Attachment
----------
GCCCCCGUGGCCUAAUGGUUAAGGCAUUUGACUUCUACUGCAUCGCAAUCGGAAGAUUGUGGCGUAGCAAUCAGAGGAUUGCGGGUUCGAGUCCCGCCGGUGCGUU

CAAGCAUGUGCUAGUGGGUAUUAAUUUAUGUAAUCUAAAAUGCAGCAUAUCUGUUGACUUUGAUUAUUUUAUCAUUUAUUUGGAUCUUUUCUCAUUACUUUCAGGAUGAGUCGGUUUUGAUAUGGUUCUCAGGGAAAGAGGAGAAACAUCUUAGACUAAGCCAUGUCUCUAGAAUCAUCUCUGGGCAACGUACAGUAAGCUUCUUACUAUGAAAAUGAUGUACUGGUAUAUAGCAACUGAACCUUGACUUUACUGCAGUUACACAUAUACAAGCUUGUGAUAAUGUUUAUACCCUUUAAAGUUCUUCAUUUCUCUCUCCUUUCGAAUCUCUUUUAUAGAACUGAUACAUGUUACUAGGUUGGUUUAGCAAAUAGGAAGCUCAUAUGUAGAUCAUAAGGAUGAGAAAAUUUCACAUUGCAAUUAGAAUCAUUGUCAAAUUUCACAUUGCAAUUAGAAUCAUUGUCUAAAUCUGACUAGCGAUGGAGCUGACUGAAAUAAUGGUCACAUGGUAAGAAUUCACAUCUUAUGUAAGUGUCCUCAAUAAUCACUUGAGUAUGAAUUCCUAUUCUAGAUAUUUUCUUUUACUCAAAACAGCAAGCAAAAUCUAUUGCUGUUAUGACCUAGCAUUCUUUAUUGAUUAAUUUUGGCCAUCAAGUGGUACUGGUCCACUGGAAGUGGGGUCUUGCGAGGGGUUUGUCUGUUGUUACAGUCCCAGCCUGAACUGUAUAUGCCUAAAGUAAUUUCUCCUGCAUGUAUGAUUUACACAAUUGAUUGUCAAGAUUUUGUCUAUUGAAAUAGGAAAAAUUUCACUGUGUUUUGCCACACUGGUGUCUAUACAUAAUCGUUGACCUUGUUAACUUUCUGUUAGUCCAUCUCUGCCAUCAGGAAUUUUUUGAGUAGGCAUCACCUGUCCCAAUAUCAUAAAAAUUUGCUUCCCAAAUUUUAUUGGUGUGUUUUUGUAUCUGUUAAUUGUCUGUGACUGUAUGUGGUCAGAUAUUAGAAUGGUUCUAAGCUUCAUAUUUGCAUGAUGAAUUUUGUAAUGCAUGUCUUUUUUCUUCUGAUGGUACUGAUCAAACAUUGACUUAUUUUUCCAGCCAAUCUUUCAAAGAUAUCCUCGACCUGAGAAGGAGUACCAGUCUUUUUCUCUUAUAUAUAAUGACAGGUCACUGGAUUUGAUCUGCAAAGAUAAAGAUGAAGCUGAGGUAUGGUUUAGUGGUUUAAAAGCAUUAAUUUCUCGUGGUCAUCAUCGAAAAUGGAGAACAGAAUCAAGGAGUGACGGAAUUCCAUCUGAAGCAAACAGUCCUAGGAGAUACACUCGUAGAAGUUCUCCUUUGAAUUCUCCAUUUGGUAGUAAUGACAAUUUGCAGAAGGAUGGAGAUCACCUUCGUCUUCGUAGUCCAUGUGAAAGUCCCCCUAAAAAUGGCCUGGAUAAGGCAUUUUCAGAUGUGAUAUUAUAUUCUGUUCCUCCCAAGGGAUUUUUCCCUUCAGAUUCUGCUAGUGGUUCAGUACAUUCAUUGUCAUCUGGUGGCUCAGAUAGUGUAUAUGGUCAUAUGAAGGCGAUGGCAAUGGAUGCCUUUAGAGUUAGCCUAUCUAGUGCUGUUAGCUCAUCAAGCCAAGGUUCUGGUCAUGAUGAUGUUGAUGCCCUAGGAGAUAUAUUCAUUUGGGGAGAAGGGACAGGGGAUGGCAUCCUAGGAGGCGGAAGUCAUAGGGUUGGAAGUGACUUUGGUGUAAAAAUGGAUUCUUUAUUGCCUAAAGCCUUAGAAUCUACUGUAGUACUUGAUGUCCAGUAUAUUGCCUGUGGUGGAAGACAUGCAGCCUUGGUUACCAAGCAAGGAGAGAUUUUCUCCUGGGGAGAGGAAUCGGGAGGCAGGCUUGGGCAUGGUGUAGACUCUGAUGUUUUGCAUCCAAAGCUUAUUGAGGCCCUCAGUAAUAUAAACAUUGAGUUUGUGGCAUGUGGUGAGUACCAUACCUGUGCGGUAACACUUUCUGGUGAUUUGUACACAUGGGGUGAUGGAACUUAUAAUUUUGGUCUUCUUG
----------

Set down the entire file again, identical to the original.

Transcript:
GCCCCCGUGGCCUAAUGGUUAAGGCAUUUGACUUCUACUGCAUCGCAAUCGGAAGAUUGUGGCGUAGCAAUCAGAGGAUUGCGGGUUCGAGUCCCGCCGGUGCGUU

CAAGCAUGUGCUAGUGGGUAUUAAUUUAUGUAAUCUAAAAUGCAGCAUAUCUGUUGACUUUGAUUAUUUUAUCAUUUAUUUGGAUCUUUUCUCAUUACUUUCAGGAUGAGUCGGUUUUGAUAUGGUUCUCAGGGAAAGAGGAGAAACAUCUUAGACUAAGCCAUGUCUCUAGAAUCAUCUCUGGGCAACGUACAGUAAGCUUCUUACUAUGAAAAUGAUGUACUGGUAUAUAGCAACUGAACCUUGACUUUACUGCAGUUACACAUAUACAAGCUUGUGAUAAUGUUUAUACCCUUUAAAGUUCUUCAUUUCUCUCUCCUUUCGAAUCUCUUUUAUAGAACUGAUACAUGUUACUAGGUUGGUUUAGCAAAUAGGAAGCUCAUAUGUAGAUCAUAAGGAUGAGAAAAUUUCACAUUGCAAUUAGAAUCAUUGUCAAAUUUCACAUUGCAAUUAGAAUCAUUGUCUAAAUCUGACUAGCGAUGGAGCUGACUGAAAUAAUGGUCACAUGGUAAGAAUUCACAUCUUAUGUAAGUGUCCUCAAUAAUCACUUGAGUAUGAAUUCCUAUUCUAGAUAUUUUCUUUUACUCAAAACAGCAAGCAAAAUCUAUUGCUGUUAUGACCUAGCAUUCUUUAUUGAUUAAUUUUGGCCAUCAAGUGGUACUGGUCCACUGGAAGUGGGGUCUUGCGAGGGGUUUGUCUGUUGUUACAGUCCCAGCCUGAACUGUAUAUGCCUAAAGUAAUUUCUCCUGCAUGUAUGAUUUACACAAUUGAUUGUCAAGAUUUUGUCUAUUGAAAUAGGAAAAAUUUCACUGUGUUUUGCCACACUGGUGUCUAUACAUAAUCGUUGACCUUGUUAACUUUCUGUUAGUCCAUCUCUGCCAUCAGGAAUUUUUUGAGUAGGCAUCACCUGUCCCAAUAUCAUAAAAAUUUGCUUCCCAAAUUUUAUUGGUGUGUUUUUGUAUCUGUUAAUUGUCUGUGACUGUAUGUGGUCAGAUAUUAGAAUGGUUCUAAGCUUCAUAUUUGCAUGAUGAAUUUUGUAAUGCAUGUCUUUUUUCUUCUGAUGGUACUGAUCAAACAUUGACUUAUUUUUCCAGCCAAUCUUUCAAAGAUAUCCUCGACCUGAGAAGGAGUACCAGUCUUUUUCUCUUAUAUAUAAUGACAGGUCACUGGAUUUGAUCUGCAAAGAUAAAGAUGAAGCUGAGGUAUGGUUUAGUGGUUUAAAAGCAUUAAUUUCUCGUGGUCAUCAUCGAAAAUGGAGAACAGAAUCAAGGAGUGACGGAAUUCCAUCUGAAGCAAACAGUCCUAGGAGAUACACUCGUAGAAGUUCUCCUUUGAAUUCUCCAUUUGGUAGUAAUGACAAUUUGCAGAAGGAUGGAGAUCACCUUCGUCUUCGUAGUCCAUGUGAAAGUCCCCCUAAAAAUGGCCUGGAUAAGGCAUUUUCAGAUGUGAUAUUAUAUUCUGUUCCUCCCAAGGGAUUUUUCCCUUCAGAUUCUGCUAGUGGUUCAGUACAUUCAUUGUCAUCUGGUGGCUCAGAUAGUGUAUAUGGUCAUAUGAAGGCGAUGGCAAUGGAUGCCUUUAGAGUUAGCCUAUCUAGUGCUGUUAGCUCAUCAAGCCAAGGUUCUGGUCAUGAUGAUGUUGAUGCCCUAGGAGAUAUAUUCAUUUGGGGAGAAGGGACAGGGGAUGGCAUCCUAGGAGGCGGAAGUCAUAGGGUUGGAAGUGACUUUGGUGUAAAAAUGGAUUCUUUAUUGCCUAAAGCCUUAGAAUCUACUGUAGUACUUGAUGUCCAGUAUAUUGCCUGUGGUGGAAGACAUGCAGCCUUGGUUACCAAGCAAGGAGAGAUUUUCUCCUGGGGAGAGGAAUCGGGAGGCAGGCUUGGGCAUGGUGUAGACUCUGAUGUUUUGCAUCCAAAGCUUAUUGAGGCCCUCAGUAAUAUAAACAUUGAGUUUGUGGCAUGUGGUGAGUACCAUACCUGUGCGGUAACACUUUCUGGUGAUUUGUACACAUGGGGUGAUGGAACUUAUAAUUUUGGUCUUCUUG